The Executive Board’s monetary policy decision – background and general assessment
Meeting 12 May 2011.
The recovery in the global economy is continuing, but unemployment remains high among several of Norway’s main trading partners. Developments vary widely across countries and regions. In emerging Asian economies, growth remains high, but there are signs of overheating. Activity in the US economy is also picking up, although unemployment is coming down slowly. There is strong growth in Germany and Sweden, while growth is declining and there is considerable uncertainty surrounding developments in Ireland, Portugal and Greece. Government bond yields in these countries have continued to rise, particularly in Greece.
Oil and commodity prices are high, resulting in rising inflation in many countries, particularly in emerging economies. Even though underlying inflation remains fairly low in most advanced economies, inflation expectations have risen one to two years ahead.
The European Central Bank and Sveriges Riksbank have raised their key rates. Interest rate expectations among Norway’s trading partners remain approximately unchanged for the coming years. The krone has varied to some extent, but remains strong.
The upturn in the Norwegian economy has gained a firm footing. Capacity utilisation appears to be close to a normal level. Unemployment is slightly lower than expected. At the same time, the labour force has expanded a little less than projected in March. There are prospects that wage growth in 2011 will be broadly in line with that projected or somewhat higher.
The interest rate is set with a view to stabilising inflation close to 2.5 per cent over time. Underlying inflation is 1¼ – 1½ per cent. Low inflation and a strong krone suggest that the key policy rate should be kept low. So far, the low interest rate level has not triggered a substantial increase in household borrowing, but house prices have risen. Housing starts have moved up sharply. There are prospects that both capacity utilisation and inflation will pick up over the year ahead. The consideration of stabilising activity and inflation somewhat further ahead suggests that the key policy rate should be raised.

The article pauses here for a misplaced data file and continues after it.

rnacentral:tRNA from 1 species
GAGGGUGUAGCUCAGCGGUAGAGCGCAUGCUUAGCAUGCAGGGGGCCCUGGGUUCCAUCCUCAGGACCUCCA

The Executive Board refers to the projections and analyses in Monetary Policy Report 1/11, published in March, which suggest that the key policy rate should be raised gradually towards a more normal level. The Executive Board decided in March that the key policy rate should be in the interval 1¾ – 2¾ per cent in the period to the publication of the next Monetary Policy Report on 22 June unless the Norwegian economy is exposed to new major shocks. An overall assessment of the outlook and the balance of risks suggests that the key policy rate should be increased at this meeting.
The key policy rate is increased by 0.25 percentage point to 2.25 per cent with effect from 13 May 2011.
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